1994 Australian FAI Indycar Grand Prix
|Race 1 of 16 in the 1994 IndyCar season|
|Date||20 March, 1994|
|Official name||1994 Australian FAI Indycar Grand Prix|
|Location||Surfers Paradise Street Circuit|
|Course||Temporary Street Circuit|
2.794 mi / 4.496 km
153.670 mi / 247.280 km
|Driver||Nigel Mansell (Newman-Haas Racing)|
|Driver||Nigel Mansell (Newman-Haas Racing)|
|Time||1:37.487 (on lap 15 of 55)|
|First||Michael Andretti (Target Chip Ganassi Racing)|
|Second||Emerson Fittipaldi (Marlboro Team Penske)|
|Third||Mario Andretti (Newman-Haas Racing)|
Nigel Mansell, the defending winner and CART series champion, won the pole position in Newman-Haas's new Lola T94/00. Alongside on the grid was Michael Andretti, who was beginning his comeback to the CART series with Chip Ganassi Racing after spending a year in Formula One. Starting in eighth position was future CART and Formula One champion Jacques Villeneuve, making his first start in the CART series. It was also the Indy car debut of the Reynard chassis and the Honda engine.
The race start was delayed because of changing wet weather conditions and accidents during each of the first two attempts. The first incident occurred in Turn 12 (the final corner) and collected Raul Boesel, Willy T. Ribbs, Robbie Buhl, and Alessandro Zampedri. The second aborted start saw further carnage; this time in the second chicane involving Boesel and Zampedri again, along with Mario Andretti, Hiro Matsushita, and Davy Jones slowed the field. Bobby Rahal hit the tyre wall in the first chicane, apparently on his own, and Paul Tracy and Adrian Fernandez spun off in Turn 4, both cars undamaged. Boesel retired, while Jones and Matsushita were eventually push-started continued in the race. However, Matsushita returned to the pits for a new rear wing as the marshals had accidentally broken off his already-damaged rear wing in their attempt to push the car away. Fernandez turned around in the escape road and continued on, however the marshals were busy dealing with the first-chicane accident and Tracy sat against the turn 4 tyre wall for a full lap under yellow before the marshals could give him a push-start. Rahal later stated in an interview with ABC's Jack Arute that he was bumped from behind coming to the green flag and into another car. This broke the front wing, which then ran under the nose of the car, causing it to lose steering.
The race finally started around 4 p.m., with Andretti overtaking Mansell on the first lap.
Michael Andretti got by Mansell after the start (the third attempt), as did Robby Gordon. In Turn 5 he muscled his way past Mansell, who soon outbraked the Californian in the same place. On Lap 17 Gordon spun and crashed after he clipped too much curb in the backstretch chicanes. Lap 20 saw the exit of Mark Smith, who locked up the right front, and Zampedri (in his third incident of the race) who seemed to be watching Smith rather than the road. As a result, he braked too late for the corner, locking up his right-front tire and slid off the track into Smith.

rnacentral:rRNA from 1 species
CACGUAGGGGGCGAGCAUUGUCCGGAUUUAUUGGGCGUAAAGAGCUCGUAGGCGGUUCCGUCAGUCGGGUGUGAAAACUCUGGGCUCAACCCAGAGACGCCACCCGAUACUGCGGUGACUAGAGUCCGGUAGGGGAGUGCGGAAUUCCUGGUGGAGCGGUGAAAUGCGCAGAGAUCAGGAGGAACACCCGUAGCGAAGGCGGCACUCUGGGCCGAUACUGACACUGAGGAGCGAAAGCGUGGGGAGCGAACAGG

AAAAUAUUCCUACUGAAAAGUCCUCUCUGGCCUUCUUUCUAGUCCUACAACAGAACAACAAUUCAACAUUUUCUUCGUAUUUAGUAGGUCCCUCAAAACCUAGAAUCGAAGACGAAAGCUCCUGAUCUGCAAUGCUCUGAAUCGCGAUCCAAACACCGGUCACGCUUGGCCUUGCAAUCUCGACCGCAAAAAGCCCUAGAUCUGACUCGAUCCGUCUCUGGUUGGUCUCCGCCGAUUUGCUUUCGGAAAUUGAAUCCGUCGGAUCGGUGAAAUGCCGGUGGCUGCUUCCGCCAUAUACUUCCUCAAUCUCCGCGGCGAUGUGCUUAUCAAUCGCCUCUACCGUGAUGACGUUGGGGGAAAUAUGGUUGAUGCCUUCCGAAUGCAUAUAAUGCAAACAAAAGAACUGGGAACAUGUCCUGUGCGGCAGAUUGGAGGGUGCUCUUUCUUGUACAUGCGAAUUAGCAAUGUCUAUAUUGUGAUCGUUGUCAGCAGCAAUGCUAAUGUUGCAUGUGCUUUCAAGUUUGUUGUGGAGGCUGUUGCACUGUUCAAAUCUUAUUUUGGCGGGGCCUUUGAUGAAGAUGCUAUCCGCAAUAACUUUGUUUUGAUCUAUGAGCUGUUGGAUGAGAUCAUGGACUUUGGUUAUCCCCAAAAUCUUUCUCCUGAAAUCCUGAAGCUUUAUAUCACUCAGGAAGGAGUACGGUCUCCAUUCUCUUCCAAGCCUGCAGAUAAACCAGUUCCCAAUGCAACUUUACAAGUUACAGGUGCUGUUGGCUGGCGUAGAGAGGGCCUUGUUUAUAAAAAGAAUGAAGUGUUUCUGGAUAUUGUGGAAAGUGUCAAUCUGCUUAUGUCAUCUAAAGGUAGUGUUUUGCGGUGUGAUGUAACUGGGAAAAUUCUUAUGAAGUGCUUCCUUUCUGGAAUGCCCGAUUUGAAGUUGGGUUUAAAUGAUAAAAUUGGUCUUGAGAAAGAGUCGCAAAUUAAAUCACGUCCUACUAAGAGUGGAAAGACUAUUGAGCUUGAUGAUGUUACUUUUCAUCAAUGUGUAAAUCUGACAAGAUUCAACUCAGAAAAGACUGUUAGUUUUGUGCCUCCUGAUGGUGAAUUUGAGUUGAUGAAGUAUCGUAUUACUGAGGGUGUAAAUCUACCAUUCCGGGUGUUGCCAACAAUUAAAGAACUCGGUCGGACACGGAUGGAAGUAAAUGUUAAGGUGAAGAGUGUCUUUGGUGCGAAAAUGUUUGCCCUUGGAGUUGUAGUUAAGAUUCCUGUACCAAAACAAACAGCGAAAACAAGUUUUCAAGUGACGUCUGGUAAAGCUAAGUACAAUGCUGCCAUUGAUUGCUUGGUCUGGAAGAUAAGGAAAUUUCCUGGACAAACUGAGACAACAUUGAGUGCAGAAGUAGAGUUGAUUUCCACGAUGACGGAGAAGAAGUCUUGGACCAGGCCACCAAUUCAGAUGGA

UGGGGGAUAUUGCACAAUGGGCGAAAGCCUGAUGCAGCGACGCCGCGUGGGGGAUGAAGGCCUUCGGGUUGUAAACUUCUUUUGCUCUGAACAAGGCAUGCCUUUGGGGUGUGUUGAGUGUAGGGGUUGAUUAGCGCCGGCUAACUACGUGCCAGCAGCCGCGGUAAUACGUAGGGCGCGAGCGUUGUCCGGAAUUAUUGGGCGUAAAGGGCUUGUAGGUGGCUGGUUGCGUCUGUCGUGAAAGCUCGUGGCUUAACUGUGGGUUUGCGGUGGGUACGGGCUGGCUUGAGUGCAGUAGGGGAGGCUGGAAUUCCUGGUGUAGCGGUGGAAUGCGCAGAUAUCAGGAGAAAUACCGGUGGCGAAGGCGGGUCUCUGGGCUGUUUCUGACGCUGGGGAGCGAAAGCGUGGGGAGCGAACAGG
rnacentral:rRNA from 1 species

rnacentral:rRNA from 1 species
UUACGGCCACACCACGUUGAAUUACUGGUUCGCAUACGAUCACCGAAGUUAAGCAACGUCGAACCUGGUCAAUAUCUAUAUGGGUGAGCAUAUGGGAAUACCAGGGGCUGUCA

On the restart Andretti caught a huge break when Mansell spun on the damp track in front of Emerson Fittipaldi and Teo Fabi. A moment later in the second chicane Michael slid into the tyre barrier but continued on undamaged. Mansell later spun off in Turn 9 while passing Maurício Gugelmin. He spun the car around, but bumped the wall with the left rear tyre and stalled the engine. On Lap 38 Stefan Johansson and rookie Jacques Villeneuve touched coming towards Turn 9, ending the Canadian's IndyCar debut early. Later on, because of the delays, darkness fell over the circuit. Former racer Chip Ganassi, whose car was in the lead, was very concerned about visibility. He pleaded with CART to end the race after saying to ABC's Gary Gerould, "This is a dangerous situation! The lights are on along the pits here! The lights are on at the Marriott hotel...the race needs to be stopped!" The circuit was lit during the end of the race, but not sufficiently to run safely as a night race, and the 65 lap distance was shortened by 10 laps due to darkness. Andretti, leading all 55 laps, won in his Ganassi debut, which was also Reynard's first IndyCar race. This continued their record of winning on their debut in various categories including Formula 3 and F3000. Emerson Fittipaldi, driving the new Penske PC-23, finished second, followed by Mario Andretti, who began his final CART season with the final podium finish of his Indy car career. Jimmy Vasser and Stefan Johansson rounded out the Top five.
R = Rookie driver, DNQ = Did not qualify, W = Andrea Montermini withdrew from the race after a crash during Saturday morning practice.
- Average Speed: 80.994 mph